Choosing an image to go along with a link, starts within your WordPress site because Facebook looks at the Open Graph tags for a page which specifies the image that Facebook should use when sharing in the News Feed.
The easiest way to add the image you want, is to use a plugin like Yoast SEO for WordPress, which handles the code and implementation for you.
Takeaway: One great way to respin the same piece of evergreen content is to change the Facebook image that goes with it. One way to do this without even entering your WordPress panel is to paste the link and then click the + button next to the original image. Upload a new image and then hit x to remove the programmed one.
5. Facebook Group Cover
For your Facebook Group cover image, you need to use the size 1602 x 500 pixels. In the center of that image is an area of 886 pixels wide which is the area which displays on all devices. Therefore, any key image or text should appear in this area. Remember, as with all page covers, Facebook group covers are governed by the rules of Facebook.
- Your cover is public.
- Covers can’t be deceptive, misleading, or infringe on anyone else’s copyright.
- You can’t encourage people to upload your cover to their personal timelines.
Takeaway: With the new Facebook redesign, Facebook Groups don’t have nearly as much visibility on the home page stream. Creating an exciting cover image that sizes properly on all devices is key to attracting new members.
6. Facebook Event Cover
If you are hosting or promoting an event then creating one on Facebook is important for attracting attention. The correct Facebook event cover size to use is 1920 x 1080 pixels.
Remember too, that any photos you upload on the event wall will be resized to 1920 pixels wide. If you upload a smaller size then your image will be stretched causing a fuzzy or blurred appearance.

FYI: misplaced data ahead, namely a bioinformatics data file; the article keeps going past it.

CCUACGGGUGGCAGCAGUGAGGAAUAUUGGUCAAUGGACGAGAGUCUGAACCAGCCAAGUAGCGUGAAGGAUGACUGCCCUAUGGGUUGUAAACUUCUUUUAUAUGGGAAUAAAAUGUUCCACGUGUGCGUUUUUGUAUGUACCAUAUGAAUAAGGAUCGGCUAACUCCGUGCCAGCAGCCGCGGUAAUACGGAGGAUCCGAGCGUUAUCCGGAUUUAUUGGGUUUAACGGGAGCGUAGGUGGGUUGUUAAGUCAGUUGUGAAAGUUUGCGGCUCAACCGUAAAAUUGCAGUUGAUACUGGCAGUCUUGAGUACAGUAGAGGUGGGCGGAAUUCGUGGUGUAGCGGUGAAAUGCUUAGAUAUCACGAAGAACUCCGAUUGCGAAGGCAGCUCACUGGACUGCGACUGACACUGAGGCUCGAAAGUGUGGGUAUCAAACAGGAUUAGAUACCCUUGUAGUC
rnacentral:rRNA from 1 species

Takeaway: Canva is a great tool for creating a Facebook image because in addition to preset templates, it also allows you to create custom dimensions. No chopping or cropping, design your event cover at the correct size to begin with!
7. Facebook Carousel Images
Facebook Carousel photos display at 600 x 600 pixels and it’s important to get it right as they can be a really engaging way to promote your business. Check out this great Carousel from Hulu.
According to data collected by Kinetic Social, these ads can also drive up to 10 times more traffic to advertisers’ websites than static sponsored posts and they get a 72% higher click-through rate. The Facebook carousel format enables marketers across Facebook and Instagram, to show 3-5 images, headlines, and links or calls to action in a single ad space.
Takeaway: Use PicMonkey to create a series of perfectly sized Carousel images. If you need to crop an image once it’s uploaded to Facebook, click Reposition Image to drag and drop the Crop Image tool onto the part of the image you want to show.
8. Facebook Ad Images
When you are creating a Facebook ad you will need to pay attention to the different image sizes that will be generated. Your ad can be displayed on Desktop Newsfeed, Mobile Newsfeed, Right Column, Instagram and Audience Network. Digital Marketer does a great job with its Facebook ad images as you can see below:
Some key points to remember when you are creating a Facebook image for your ad:
- Keep the text to a minimum – too much text looks cluttered and won’t get seen.
- Stick to 2 or 3 colors and make them strong.
- Yellow increases conversion rates by 14.5%.
- Eyes and lips in images increase click through rates.
- Recommended News Feed image size: 1,200 x 900 pixels.
- Right column image size: 254 x 133 pixels.
Takeaway: If you are using real photos of your products then be sure to edit them to look amazing first. Try Be Funky which allows you to add filters, remove imperfections and create image collages! Still not sure? Check out Amanda Webb’s great article on Facebook ad tools right here.
What Facebook image sizes should I care about? All of them! It is a good idea to keep a note of the key sizes you and your designers will need and be sure to communicate them effectively before the creation stage.
Which Facebook image tools do you use? Leave a comment and let us know.